Ferling places the blame for the war solely on Great Britain. He argues that - from the very beginning of the American protests against the Stamp Act in 1765 straight through the entreaties of redress sought by the Continental Congress ten years later - Britain's leaders never even attempted to reconsider how they governed the colonies - a refusal that Ferling aptly calls "a fatal intransigence". Britain gambled that they could keep everything the way it was by "bludgeoning" the colonists in what they felt would be a short and easy war.
Ferling maps out the pre-war history and how we got to Lexington and Concord. The colonial anger over the Stamp Act in 1765 is often cited as the beginning of the move for independence. Ferling argues, though, that in 1765 there was no movement for independence. First, the colonies were not united and political leaders in one colony were largely unaware of the leaders in other colonies. Second, in 1765 there were no citizen militias. Finally, there was still a war-weariness among colonists after the Seven Years' War, which had concluded only two years earlier. .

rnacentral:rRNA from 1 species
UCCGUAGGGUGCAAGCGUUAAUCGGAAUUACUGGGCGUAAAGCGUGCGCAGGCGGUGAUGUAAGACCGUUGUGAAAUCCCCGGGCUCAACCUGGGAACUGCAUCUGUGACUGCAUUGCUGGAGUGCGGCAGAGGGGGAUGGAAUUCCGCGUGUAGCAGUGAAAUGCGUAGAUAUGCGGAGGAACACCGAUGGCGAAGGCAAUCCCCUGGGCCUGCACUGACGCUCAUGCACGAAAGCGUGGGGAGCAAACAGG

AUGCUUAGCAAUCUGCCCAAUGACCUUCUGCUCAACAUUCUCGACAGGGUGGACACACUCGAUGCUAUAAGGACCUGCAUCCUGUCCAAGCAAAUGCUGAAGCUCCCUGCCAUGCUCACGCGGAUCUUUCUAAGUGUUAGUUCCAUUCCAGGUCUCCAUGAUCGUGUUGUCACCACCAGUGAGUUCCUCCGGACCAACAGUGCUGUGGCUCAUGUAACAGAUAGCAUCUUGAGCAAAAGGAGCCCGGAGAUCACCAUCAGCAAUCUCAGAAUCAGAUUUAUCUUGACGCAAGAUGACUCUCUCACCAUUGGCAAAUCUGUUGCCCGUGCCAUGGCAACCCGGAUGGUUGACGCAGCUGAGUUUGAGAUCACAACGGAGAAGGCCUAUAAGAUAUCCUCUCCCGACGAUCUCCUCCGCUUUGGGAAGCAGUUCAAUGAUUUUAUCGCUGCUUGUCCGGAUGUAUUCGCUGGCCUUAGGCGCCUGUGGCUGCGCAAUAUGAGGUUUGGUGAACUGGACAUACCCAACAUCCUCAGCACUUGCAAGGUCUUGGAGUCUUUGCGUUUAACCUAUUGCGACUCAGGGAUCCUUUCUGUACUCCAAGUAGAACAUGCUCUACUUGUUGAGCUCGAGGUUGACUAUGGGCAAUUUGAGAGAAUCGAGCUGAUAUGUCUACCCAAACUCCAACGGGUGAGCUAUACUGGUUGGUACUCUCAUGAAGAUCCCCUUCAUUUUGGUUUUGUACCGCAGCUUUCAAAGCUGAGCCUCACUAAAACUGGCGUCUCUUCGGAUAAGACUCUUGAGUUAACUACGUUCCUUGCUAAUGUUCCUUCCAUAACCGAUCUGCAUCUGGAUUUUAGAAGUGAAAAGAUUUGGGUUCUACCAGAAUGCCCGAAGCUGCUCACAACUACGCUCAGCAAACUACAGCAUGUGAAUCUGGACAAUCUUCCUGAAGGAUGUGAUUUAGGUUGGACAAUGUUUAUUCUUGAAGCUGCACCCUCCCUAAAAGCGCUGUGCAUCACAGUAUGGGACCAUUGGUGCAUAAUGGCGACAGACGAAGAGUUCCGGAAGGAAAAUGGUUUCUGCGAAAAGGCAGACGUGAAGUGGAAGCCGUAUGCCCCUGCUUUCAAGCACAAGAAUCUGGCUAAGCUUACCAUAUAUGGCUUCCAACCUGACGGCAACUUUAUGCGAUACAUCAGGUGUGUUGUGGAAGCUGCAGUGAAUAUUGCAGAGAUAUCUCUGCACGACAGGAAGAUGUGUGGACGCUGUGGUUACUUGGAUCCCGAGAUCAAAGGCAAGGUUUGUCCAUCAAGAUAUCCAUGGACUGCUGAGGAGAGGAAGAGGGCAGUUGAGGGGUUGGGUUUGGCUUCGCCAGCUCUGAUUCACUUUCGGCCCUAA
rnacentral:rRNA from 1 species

Even after the Boston Massacre in 1770, Ferling argues that anti-British feeling had actually settled down.. Indeed, Sam Adams was doing all he could to find an issue that would reignite popular resistance. One such effort was the very public and solemn anniversary remembrance of the Boston Massacre that Adams orchestrated every March 5th from 1771-1775. Adams - perhaps more than any other revolutionary - realized the need to connect the city of Boston's popular revolutionary leadership with residents of the backcountry communities in New England, to create a sustained insurgency. To do so, Adams created a critical organization, the Boston Committee of Correspondence, in 1772. British effrontery would now quickly be communicated from Boston throughout New England.
Continual bungling by the British toward the colonists - and the firing of shots at Lexington and Concord - quickened the desire for independence. As Ferling writes, "nothing reshaped [colonial] thinking so profoundly, and so quickly, as the War" itself.